Imran Khan’s “Interrogation” A Publicity Stunt?

Imran Khan

When Sheikh Rashid was detained by authorities at a US airport earlier this year, I predicted that Imran Khan would be next. Looks like I was right. But is this incident everything that it’s being made out to be? Or is there more to the story…

In case you haven’t heard already, Imran Khan was on his way to a fundraising tour in the US when he was briefly delayed by US officials at an airport in Canada who wanted to ask him some questions. According to a report in Express Tribune on 27th October, “Khan was questioned for half an hour”. The details of those questions is not exactly known. Imran Khan insists that he was asked about his position on drones, and Tweeted from the airport:

I was taken off from plane and interrogated by US Immigration in Canada on my views on drones. My stance is known. Drone attacks must stop

Imran Khan makes a good point here. His views on drones are well known, so why would US officials need to spend one half hour asking him about them? Something seems strange.

Deputy Chief of Mission at the US Embassy Richard Hoagland reinforced this view when speaking to journalists in Peshawar earlier this week, saying that “A lot of the story that went out was not very accurate but played up for political purposes”. The American DCM later posted on Twitter that Khan’s questioning had “Nothing to do with drones – he brought it up”.

Here’s how Imran Khan described the conversation in a phone call to CNN:

“I kept asking them what was this all about, and then one guy interviewed me and he was so confused, he had no idea what he was saying,” Khan told CNN by phone from Seattle, another stop on his trip.

“He was talking about some fund-raising, so I asked him to come to the point, and he said, ‘We’re worried you might use violence against drones.’ I mean, it was so ridiculous, I didn’t even know how to answer it.”

What’s interesting is that this is different not only from Imran Khan’s original description – “interrogated…on my vies on drones”, but also how Imran Khan has been describing the incident to journalists here in Pakistan, where he claims that he was interrogated about his position on drones for “three or four hours”.

“I am cool. Such intimidating tactics cannot faze me. I was absolutely not upset at having to spend three or four hours at an airport against my will. It’s not a big deal for me”, Imran told reporters in the federal capital.

Imran, who has been a vigorous critic of US drone attacks and even led a rally to the tribal belt in protest, regretted the government’s silence on the maltreatment he had received in Canada.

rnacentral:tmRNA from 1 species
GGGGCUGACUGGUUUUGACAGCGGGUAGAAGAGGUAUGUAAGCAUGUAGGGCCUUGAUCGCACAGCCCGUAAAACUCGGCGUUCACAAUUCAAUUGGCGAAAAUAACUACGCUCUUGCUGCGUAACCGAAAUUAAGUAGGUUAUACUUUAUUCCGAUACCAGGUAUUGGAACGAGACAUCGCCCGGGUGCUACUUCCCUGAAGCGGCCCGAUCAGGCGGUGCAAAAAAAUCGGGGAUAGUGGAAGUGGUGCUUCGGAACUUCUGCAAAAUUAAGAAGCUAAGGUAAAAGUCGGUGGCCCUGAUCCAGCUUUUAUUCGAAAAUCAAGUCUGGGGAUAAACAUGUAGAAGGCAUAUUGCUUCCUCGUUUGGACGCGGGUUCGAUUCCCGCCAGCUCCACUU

“I am the head of a major political party of Pakistan and my detention and interrogation by US immigration authorities in Canada is in fact an insult of the entire Pakistani nation.”

Talking to CNN after the incident, Imran Khan claimed that he was asked about his fundraising plans in America, and that the issue of drones only came up at the end. The Americans insist that he’s the one who brought up drones, that they never even asked. But talking to reporters in Pakistan, Imran Khan tells a much more exciting story of his courage in the face of ‘intimidation’.

PTI was once seen as an emerging force in Pakistan’s political scene, only to see it’s prospects quickly fall. Earlier this week, PTI canceled internal party elections after discovering that only 350,000 members, or are actually eligible to vote in Pakistan. The most recent voter rolls include over 84 million people, meaning that PTI voters amount to about 0.4% of the population. The Kaptaan’s ‘tsunami’ is starting to look like more like a leaky faucet.

Was his so-called interrogation a political overreach by an empire mad with power, or a last ditch effort by a desperate politician about to be bowled out? It’s not hard to see who stands to benefit from the incident – Imran Khan gets to look like the fearless leader standing up to the world’s super power, while the US looks like the world’s bully. Perhaps the most telling thing about the incident, though, is just how little attention it got him. After giving him millions, I wonder if Imran Khan’s American supporters aren’t starting to feel a little bit like phuddoos.

Sovereignty Lost, Sovereignty Regained


One of the most controversial topics in recent years has been the question of Pakistan’s sovereignty. Usually, this question is raised during discussions of drone strikes and the unilateral American strike that killed Osama bin Laden in Abbottabad. Without saying that these are not important issues, there is another more pressing threat to our sovereignty that has gone ignored until it has reached a crisis point.

A new report tells how Afghan Taliban have actually taken control of Quetta.

According to the locals, the Quetta Shura has within the span of a decade gotten to the point where it “runs the show.” From managing neighborhood security and harassing those who oppose them, to investing in hospitals where militants returning from Afghanistan are treated and in real estate as far as Karachi, the Quetta Shura has not only become the face of insurgency in Afghanistan, but indeed, it has become the face of destabilization in Pakistan.

Several of the locals that I talked to suggested that Quetta Shura is openly collecting funds through its hoax Islamic charity fronts in major cities of Pakistan, and recruiting local Baloch to torch the NATO supply tankers. “They tell us that each truck that we will blow up will get us several ‘hoors’ in paradise. We don’t get fooled, but many do.”

As another local suggested, “[A] few years back, Quetta Shura was passive and was only urging people to wage war against the U.S., but now they are forcing people to wage war, not only on the US, but also on Pakistan.”